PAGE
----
The hour of our birth had been carefully forecast, a winter’s day cesarean timed to coincide with Dr. Feng’s lunch break. The doctor pulled me out first, indignant, squalling, like a hotel guest inexpertly roused and tossed before checkout. She came next, and was so perfectly quiet that at first they worried she wasn’t breathing at all. Then they thwacked her on the back and her cries joined mine and they laid us side by side, boy and girl, two underwater creatures suddenly forced to fill our lungs with cold, dry air. 

      

    Dr. Feng had operated on my mother as a favor to my uncle, his old classmate. Otherwise we would have been born in the hospital down the street, where a woman had bled to death after a botched cesarean the previous year. The family had been in the waiting room for hours, and at last the father-to-be pounded on the doors of the operating room. When no one responded, the family pushed them open to find the lifeless woman on the table, blood pooling on the ground. She was alone: the staff had stripped the medical certificates that bore their names from the wall and fled as soon as the surgery went wrong. 

      

    From the start we were lucky, not least because we had each other. As twins we’d been spared the reach of the government’s family-planning policies, two winking fetuses floating in utero. For the first few weeks of our life, our skulls had matching indentations from where they’d been pressed against each other in the womb, like two interlocking puzzle pieces. Later in life when we were apart, I’d sometimes touch my hand to the back of my skull when I thought of her, as if seeking a phantom limb. 

      

    We weren’t in any way an extraordinary family. My mother worked as a warehouse clerk, my father a government sanitation planner. When my father was forty-seven, his division chief ?— ?a fanciful man who had once dreamed of being an artist?—decided to build a public toilet in the shape of a European clock tower. He’d been to Europe and had been impressed by the cleanliness of the toilets and the loveliness of the architecture and wanted to combine the two. Like most artists, the division chief had a fragile ego, and shortly after my father balked at the project’s expense, he was fired. It was the sole act of independence he’d committed in his life, and it cost him his career.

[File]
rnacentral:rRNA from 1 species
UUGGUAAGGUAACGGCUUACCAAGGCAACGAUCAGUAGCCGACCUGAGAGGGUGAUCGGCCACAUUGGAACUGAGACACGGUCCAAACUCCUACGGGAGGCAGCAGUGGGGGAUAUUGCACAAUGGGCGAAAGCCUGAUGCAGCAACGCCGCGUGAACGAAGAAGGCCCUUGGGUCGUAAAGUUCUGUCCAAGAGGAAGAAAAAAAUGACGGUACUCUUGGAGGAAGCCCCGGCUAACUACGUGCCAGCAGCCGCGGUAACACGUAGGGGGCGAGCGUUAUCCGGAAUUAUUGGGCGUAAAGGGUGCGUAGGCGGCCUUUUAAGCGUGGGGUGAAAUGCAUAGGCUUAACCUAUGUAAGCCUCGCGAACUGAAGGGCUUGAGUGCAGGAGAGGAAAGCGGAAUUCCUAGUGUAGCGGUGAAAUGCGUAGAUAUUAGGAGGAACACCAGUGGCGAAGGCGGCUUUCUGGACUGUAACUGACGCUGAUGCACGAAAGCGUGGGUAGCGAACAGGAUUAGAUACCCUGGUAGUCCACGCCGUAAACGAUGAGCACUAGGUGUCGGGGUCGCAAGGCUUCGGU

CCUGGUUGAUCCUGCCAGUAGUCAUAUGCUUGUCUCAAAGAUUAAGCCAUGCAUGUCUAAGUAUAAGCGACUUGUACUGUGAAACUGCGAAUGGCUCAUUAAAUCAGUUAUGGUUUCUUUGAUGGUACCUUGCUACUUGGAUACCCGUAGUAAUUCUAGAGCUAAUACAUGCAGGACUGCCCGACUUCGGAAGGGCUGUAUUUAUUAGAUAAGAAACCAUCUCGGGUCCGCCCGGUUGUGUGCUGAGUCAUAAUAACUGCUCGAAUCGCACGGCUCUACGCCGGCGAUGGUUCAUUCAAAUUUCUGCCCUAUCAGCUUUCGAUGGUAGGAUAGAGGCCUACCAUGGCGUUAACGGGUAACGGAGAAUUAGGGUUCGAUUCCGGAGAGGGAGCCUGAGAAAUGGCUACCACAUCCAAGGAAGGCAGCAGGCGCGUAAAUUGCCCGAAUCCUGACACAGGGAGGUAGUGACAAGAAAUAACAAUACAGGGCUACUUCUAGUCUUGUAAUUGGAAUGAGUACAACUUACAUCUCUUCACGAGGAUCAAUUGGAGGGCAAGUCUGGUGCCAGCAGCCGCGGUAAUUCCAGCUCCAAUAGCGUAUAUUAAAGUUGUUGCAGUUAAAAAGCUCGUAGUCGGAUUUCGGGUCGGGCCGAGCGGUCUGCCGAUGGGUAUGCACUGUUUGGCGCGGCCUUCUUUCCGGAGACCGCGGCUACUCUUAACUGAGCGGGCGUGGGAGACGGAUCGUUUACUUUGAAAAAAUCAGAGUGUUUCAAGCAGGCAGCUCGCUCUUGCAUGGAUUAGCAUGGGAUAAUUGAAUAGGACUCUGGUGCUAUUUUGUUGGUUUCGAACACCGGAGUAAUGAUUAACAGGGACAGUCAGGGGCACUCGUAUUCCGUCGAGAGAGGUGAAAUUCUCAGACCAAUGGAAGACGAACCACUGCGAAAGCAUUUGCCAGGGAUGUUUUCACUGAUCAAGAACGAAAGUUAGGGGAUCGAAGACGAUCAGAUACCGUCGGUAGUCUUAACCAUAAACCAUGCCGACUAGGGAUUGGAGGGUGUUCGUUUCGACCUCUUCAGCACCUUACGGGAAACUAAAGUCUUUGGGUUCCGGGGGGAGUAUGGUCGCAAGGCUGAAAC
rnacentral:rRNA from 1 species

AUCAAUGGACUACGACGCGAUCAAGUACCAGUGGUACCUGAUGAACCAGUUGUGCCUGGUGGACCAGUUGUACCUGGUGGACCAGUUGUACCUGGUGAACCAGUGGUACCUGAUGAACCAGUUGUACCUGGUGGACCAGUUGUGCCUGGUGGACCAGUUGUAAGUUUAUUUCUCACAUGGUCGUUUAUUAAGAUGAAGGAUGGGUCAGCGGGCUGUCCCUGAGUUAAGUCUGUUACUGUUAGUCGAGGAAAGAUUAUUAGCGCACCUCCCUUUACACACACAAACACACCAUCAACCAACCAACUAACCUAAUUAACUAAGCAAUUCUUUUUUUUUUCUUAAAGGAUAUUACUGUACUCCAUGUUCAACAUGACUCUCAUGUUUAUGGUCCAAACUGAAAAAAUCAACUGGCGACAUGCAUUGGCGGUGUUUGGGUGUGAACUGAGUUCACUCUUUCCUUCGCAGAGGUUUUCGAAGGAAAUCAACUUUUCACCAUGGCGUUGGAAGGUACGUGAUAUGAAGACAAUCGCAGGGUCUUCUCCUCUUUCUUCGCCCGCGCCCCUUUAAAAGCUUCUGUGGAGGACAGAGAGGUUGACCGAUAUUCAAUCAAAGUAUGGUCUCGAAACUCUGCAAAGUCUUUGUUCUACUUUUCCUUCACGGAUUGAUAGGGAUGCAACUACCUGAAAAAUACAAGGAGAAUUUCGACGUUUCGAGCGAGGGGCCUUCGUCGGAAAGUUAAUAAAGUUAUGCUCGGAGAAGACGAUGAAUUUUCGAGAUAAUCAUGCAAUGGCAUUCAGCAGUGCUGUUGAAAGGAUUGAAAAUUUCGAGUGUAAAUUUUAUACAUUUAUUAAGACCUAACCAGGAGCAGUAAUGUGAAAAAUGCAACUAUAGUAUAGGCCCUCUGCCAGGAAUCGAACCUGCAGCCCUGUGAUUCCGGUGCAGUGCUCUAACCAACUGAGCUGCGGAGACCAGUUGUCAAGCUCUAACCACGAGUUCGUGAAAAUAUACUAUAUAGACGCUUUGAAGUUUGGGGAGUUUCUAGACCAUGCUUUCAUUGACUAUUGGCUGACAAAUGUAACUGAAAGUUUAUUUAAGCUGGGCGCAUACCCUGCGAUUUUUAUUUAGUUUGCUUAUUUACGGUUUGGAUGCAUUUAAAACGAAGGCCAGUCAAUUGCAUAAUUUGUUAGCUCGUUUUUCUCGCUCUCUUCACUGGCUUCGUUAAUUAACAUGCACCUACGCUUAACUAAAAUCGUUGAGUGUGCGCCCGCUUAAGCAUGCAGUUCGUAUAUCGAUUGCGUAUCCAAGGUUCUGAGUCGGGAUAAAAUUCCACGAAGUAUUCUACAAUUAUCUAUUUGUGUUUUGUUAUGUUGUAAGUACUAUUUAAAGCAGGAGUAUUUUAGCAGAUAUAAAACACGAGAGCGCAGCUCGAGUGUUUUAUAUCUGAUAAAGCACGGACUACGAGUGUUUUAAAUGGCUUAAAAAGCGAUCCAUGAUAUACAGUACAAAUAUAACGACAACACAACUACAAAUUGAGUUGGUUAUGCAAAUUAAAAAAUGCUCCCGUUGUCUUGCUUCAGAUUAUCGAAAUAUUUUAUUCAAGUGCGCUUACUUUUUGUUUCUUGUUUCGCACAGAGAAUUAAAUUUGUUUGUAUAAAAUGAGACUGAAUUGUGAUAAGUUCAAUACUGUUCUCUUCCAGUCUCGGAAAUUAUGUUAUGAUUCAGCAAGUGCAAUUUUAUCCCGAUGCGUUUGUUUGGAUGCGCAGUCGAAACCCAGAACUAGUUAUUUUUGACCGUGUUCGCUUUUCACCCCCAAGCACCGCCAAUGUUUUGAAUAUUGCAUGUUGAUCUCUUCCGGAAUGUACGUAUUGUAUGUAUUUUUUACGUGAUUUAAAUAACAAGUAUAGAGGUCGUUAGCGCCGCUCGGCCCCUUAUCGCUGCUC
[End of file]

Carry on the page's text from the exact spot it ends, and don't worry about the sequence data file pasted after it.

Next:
The toilet still stands there today, its vaulting concrete walls stained and ridiculous, the inside chilly and damp like the inside of a pipe, a bird of poured concrete plunging from the tower’s top as if being defenestrated by rival birds inside, and indeed the whole structure smells like a foul aviary. You wouldn’t think it cost 200,000 yuan to build, and probably it didn’t, Lulu said; most of it likely ended up in the division head’s pocket, art corrupting life, life corrupting art. 

      

    From the time she was ten, my parents worshipped at Lulu’s altar. Her precocity was evident early on; it was like a flag being waved energetically from a mountaintop. Neither of our parents had much education, and it stunned them to find themselves in possession of such a daughter. 

      

    When we were small, we played devotedly together. Lulu was a great inventor of games, which often incorporated whatever she’d read most recently: one day we were stink bugs, looking for the right leaf on which to lay our eggs, another we were herdsmen fleeing Mongolian invaders. She was braver than me: once, when the elderly woman who lived opposite us had left her door ajar while retrieving the mail downstairs, my sister even snuck into her apartment. 

      

    “It’s full of newspapers, stacked as high as your head,” Lulu said excitedly, her eyes glowing as she dashed back. “There’s a giant orange cross-stitch on her couch, with a peony and six fishes.” 

      

    As a child she was always reading. Even at meals she would sit and scan the back of the juice box. She must have read it a million times: aspartame and xanthan gum and red no. 9. It wasn’t a conscious thing; she just seemed to feel uncomfortable when her eyes weren’t fastened to a page. She had a mania for lists, too. By age eleven she’d memorized every bone in the human body, and she used to recite their names to me at night in an eerie voice as I held a pillow over my head: sternum, tibia, floating rib. 

      

    In high school, I rebelled against her brilliance by playing video games, lots of them, spending hours whipping a gun back and forth across dusty landscapes empty of people, except for those who wanted to kill you.

Available Resources

Related Categories

  • Format: eBook

  • ISBN-13/EAN: 9780358275039

  • ISBN-10: 0358275032

  • Pages: 256

  • Price: $9.99

  • Publication Date: 02/02/2021

  • Carton Quantity: 1